Longwave is a band that has been inculcated to Automatic for the People-era R.E.M., as well as most the bands from that era. This is not to say that they are necessarily dated or cliché, but to the contrary they start off “There’s A Fire” with a hard-hitting earworm of a track, replete with hard-hitting drums and snaky synth lines. The move towards and away from an intense sound during “There’s A Fire’s” second track, “Underworld” shows a band that is mature enough to craft their sound in a way that they wish, instead of how the guitar/bass/drums/etc choose to act during the track. What is impressive is that the band does not let up throughout the course of the disc; Longwave is like someone who is fighting for their life, pulling out any stops to ensure their continued relevance. Tracks like “Tell Me I’m Wrong” stick out on this disc because they are fitting regardless of context; this track could be a hit in the eighties, nineties, or even now! What really makes the track, the extremely emotive and fitting synth line that fights against the vocals for dominance, makes its glorious entrance here.
Longwave puts music onto this disc that simply pops with a brilliance that is not found often in this current batch of popular, self-loathing music. Moving into a punk-influenced sound during “We’re Not Gonna Crack”, Longwave shows their audience that they are both malleable and able to put their strongest foot forward even at the latest part of the disc. “Fall On Every Whim” is an example of this late-disc success; coming back in a strong way with their drums, Longwave’s distinct vocals are able to create a full song even as the guitars jangle on. “Next Plateau” looks back even farther than the rest of the fare on the disc, taking definite cues from both Randy Newman and David Bowie during the tracks short (three minute) runtime.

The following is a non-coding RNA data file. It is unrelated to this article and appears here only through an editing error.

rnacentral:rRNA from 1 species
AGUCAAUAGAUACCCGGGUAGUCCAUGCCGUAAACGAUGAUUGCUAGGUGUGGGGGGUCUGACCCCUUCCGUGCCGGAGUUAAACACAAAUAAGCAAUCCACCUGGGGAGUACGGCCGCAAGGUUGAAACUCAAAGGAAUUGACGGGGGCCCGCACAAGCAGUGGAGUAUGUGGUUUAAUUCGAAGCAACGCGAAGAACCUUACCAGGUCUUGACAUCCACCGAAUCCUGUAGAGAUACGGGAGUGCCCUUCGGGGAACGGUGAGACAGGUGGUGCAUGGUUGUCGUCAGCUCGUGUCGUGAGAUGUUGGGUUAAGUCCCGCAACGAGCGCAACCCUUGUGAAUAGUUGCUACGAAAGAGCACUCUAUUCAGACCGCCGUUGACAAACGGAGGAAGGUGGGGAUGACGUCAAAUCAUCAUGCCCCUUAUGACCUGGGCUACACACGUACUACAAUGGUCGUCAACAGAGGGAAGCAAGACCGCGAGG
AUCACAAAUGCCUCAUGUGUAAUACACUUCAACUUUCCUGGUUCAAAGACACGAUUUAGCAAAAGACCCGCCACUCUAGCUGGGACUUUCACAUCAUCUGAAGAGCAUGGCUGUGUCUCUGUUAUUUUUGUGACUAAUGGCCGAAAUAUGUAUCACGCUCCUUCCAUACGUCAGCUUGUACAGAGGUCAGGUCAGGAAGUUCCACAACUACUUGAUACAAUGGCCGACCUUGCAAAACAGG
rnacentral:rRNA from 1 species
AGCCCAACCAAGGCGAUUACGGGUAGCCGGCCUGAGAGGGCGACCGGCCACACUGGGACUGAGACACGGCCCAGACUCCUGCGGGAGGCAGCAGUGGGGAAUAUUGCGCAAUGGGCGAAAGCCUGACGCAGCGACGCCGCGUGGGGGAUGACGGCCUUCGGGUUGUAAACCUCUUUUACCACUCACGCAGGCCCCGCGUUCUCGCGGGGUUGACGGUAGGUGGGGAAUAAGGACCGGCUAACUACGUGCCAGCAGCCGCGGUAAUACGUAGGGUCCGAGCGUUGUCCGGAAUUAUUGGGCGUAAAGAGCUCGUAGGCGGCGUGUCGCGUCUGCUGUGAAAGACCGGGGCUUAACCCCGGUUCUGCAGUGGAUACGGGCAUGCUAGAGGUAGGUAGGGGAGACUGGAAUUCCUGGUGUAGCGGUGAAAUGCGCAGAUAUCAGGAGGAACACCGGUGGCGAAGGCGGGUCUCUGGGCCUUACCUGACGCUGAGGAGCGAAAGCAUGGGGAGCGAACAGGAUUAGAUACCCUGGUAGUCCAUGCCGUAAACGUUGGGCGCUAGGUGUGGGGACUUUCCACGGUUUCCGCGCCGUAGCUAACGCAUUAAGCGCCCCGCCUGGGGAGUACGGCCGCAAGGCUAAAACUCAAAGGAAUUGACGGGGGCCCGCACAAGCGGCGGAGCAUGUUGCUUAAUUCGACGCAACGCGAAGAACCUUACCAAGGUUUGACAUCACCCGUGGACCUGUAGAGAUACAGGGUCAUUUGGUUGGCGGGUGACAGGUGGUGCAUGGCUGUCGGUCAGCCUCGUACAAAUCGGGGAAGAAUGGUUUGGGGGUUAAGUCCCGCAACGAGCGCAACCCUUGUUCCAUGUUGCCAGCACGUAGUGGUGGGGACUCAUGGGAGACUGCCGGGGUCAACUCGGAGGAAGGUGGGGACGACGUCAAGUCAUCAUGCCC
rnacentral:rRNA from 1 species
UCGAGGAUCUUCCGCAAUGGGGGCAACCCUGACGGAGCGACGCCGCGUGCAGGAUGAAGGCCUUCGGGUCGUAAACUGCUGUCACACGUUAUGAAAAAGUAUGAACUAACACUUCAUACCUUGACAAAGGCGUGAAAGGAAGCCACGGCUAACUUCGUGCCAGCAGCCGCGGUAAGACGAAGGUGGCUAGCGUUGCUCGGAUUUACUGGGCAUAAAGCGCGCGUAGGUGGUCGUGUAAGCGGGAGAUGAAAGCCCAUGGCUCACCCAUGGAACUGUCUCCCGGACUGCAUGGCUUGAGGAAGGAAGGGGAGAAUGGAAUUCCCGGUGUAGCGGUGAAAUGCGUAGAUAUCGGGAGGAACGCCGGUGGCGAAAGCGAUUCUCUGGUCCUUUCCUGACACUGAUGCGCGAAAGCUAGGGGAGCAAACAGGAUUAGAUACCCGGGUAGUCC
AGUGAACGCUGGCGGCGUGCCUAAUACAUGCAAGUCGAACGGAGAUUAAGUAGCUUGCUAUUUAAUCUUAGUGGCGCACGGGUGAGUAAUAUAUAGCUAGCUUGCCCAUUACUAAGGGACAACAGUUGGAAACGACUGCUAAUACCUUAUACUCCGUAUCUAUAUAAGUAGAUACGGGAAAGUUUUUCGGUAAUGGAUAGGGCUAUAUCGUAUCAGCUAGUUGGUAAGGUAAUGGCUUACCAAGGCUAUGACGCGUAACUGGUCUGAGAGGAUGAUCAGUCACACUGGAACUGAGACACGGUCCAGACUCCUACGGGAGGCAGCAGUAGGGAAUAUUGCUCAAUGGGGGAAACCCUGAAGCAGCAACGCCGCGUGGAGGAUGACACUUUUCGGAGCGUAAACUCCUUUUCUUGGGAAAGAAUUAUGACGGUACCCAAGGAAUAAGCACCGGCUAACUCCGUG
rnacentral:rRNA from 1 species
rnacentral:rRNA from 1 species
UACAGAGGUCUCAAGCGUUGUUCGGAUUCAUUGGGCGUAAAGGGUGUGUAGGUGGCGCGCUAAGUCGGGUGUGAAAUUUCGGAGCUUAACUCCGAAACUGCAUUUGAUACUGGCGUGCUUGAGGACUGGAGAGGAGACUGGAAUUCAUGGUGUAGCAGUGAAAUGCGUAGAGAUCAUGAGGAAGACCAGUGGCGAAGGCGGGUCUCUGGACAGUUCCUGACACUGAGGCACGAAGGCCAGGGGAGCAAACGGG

Longwave has really revitalized this brand of indie-rock by infusing it with new-millennium sensibilities and mature arrangements. Nothing on “There’s A Fire” belies the band’s strong facade, rather tracks like “Underneath You Know The Name” bolster it and ensure that Longwave will be popular for a long period. To be such a solid act at this juncture, equally sharing all duties on “There’s A Fire” is to be an oddity; hopefully Longwave will provide a precedent for more bands to follow.
Top Tracks: Fall On Every Whim, We’re Not Gonna Crack
Longwave – There’s A Fire / 2005 RCA / 12 Tracks / http://www.longwavetheband.com / http://www.rca.com / Reviewed 08 April 2005